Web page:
Well, that’s the thing: she decided to quit the office and parliament. And she didn’t have to: she could have stepped aside and waited the investigation out; although had she chosen to do so Barilaro would have been acting premier in the interim, which would have been a problem given subsequent events.

That said, the Guardian reported that she has already been approached about running as the Liberal candidate for the federal seat of Warringah – formerly held by Tony Abbott and lost at the last election to pro-climate independent Zali Steggall. 

It’s a fight Berejiklian would be the favourite to win, assuming that ICAC exonerates her – and hey, wouldn’t it be nice to be in a parliament that doesn’t have any of that annoying ICAC business?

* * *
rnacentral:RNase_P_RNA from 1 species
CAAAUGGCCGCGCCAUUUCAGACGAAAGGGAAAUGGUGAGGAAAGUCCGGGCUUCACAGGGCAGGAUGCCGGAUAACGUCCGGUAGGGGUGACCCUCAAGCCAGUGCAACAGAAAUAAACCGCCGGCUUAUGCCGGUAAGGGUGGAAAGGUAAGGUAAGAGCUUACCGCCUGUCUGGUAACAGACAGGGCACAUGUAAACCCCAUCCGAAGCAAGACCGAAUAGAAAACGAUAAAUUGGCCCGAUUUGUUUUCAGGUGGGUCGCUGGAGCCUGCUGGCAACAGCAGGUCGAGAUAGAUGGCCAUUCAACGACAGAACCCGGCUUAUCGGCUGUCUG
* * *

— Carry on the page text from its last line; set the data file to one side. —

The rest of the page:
That alone has almost certainly pushed any consideration Scott Morrison may have had for calling a federal election firmly back into 2022 territory. 

 

What’s the most ironic thing about all of this?

It could change depending on whether some of the more hilariously scurrilous rumours turn out to be accurate, but right now it’s that if ICAC ends up making a ruling against Berejiklian and recommending that criminal charges be laid, a conviction would mean that she’d have her very lucrative parliamentary pension stripped from her under laws passed by the Berejiklian government. 

 

That “may you live in interesting times” thing is a hell of a curse, huh?

That it is, friend. That it is.